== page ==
The case concerned the interpretation and enforceability of a patent license agreement and related U.S. patents. NOVA had entered into a license agreement and made initial royalty payments in anticipation of using Yellow Springs' enzyme membrane technology. It was later determined by new management that NOVA had never in fact used the licensed technology but rather developed its own approach to the problem of measuring glucose and lactate in blood analyzers. Consequently, NOVA notified Yellow Springs that it would not be making any further payments under the license agreement. Yellow Springs sued NOVA for breach of contract, conversion, unjust enrichment, and patent infringement, seeking significant royalties.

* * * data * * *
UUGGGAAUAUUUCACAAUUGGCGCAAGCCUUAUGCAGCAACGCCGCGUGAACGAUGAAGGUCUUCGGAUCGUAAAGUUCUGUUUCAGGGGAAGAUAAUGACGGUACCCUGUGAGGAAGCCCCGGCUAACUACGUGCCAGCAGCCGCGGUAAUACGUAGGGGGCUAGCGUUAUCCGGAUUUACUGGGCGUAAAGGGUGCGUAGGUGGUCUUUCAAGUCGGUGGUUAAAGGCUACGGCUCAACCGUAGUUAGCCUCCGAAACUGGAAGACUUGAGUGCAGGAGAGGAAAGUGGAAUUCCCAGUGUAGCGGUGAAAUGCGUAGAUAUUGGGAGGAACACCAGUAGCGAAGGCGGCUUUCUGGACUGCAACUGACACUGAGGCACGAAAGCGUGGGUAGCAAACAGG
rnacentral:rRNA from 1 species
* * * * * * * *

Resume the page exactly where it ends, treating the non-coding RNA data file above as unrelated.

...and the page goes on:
After a two-week trial, the U.S. District Court for the Southern District of Ohio ruled that NOVA had correctly determined that it had no further obligation to make royalty payments. The court also ruled that Yellow Springs' attempt to obtain royalty payments beyond the term of the patents was unlawful, that Yellow Springs patents were invalid as obvious and for inequitable conduct in failing to disclose highly material prior art to the Patent Office, and that NOVA could not recover the fairly small amount of royalty payments made in the initial years of the license.
The Hale and Dorr attorneys involved in this case included Jack Regan, Jim Lampert and Dan Tighe.